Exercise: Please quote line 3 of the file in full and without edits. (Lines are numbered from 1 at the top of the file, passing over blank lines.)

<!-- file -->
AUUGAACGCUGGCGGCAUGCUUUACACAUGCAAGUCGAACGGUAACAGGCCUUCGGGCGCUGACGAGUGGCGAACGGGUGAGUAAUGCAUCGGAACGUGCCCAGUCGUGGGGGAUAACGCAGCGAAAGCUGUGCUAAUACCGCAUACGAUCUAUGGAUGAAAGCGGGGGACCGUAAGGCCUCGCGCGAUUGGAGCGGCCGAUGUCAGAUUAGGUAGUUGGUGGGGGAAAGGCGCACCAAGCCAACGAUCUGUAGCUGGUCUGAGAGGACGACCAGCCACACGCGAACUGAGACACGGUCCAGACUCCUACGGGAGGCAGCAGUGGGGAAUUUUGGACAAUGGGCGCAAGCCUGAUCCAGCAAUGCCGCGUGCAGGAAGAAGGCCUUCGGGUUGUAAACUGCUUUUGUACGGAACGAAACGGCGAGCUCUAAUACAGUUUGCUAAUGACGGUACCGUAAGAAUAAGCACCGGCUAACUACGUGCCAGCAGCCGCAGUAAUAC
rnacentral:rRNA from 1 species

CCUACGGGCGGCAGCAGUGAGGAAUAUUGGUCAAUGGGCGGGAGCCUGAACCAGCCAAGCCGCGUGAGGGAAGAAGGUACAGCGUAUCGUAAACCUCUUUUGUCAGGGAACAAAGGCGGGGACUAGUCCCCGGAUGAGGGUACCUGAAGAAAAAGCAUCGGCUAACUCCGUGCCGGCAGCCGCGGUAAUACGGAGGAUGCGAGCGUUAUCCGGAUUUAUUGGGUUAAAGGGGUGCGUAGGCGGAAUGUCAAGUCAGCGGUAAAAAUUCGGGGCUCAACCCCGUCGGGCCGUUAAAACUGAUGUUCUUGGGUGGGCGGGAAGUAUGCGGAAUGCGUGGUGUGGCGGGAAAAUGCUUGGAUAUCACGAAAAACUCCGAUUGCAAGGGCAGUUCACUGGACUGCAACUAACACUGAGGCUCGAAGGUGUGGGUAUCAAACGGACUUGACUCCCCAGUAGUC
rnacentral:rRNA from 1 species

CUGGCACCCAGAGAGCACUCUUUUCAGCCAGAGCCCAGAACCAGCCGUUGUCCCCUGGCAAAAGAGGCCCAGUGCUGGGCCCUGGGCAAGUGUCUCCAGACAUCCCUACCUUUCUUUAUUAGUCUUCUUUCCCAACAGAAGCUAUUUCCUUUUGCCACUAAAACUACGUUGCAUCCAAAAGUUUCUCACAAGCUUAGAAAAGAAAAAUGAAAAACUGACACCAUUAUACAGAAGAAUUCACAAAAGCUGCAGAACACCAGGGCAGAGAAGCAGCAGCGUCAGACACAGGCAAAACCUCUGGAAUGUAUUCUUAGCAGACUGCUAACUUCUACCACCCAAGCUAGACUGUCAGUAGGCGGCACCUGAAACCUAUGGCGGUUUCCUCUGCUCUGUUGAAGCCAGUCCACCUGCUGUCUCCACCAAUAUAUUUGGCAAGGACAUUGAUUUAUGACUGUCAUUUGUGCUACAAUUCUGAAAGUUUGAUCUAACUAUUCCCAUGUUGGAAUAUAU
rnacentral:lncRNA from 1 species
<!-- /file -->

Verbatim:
CCUACGGGCGGCAGCAGUGAGGAAUAUUGGUCAAUGGGCGGGAGCCUGAACCAGCCAAGCCGCGUGAGGGAAGAAGGUACAGCGUAUCGUAAACCUCUUUUGUCAGGGAACAAAGGCGGGGACUAGUCCCCGGAUGAGGGUACCUGAAGAAAAAGCAUCGGCUAACUCCGUGCCGGCAGCCGCGGUAAUACGGAGGAUGCGAGCGUUAUCCGGAUUUAUUGGGUUAAAGGGGUGCGUAGGCGGAAUGUCAAGUCAGCGGUAAAAAUUCGGGGCUCAACCCCGUCGGGCCGUUAAAACUGAUGUUCUUGGGUGGGCGGGAAGUAUGCGGAAUGCGUGGUGUGGCGGGAAAAUGCUUGGAUAUCACGAAAAACUCCGAUUGCAAGGGCAGUUCACUGGACUGCAACUAACACUGAGGCUCGAAGGUGUGGGUAUCAAACGGACUUGACUCCCCAGUAGUC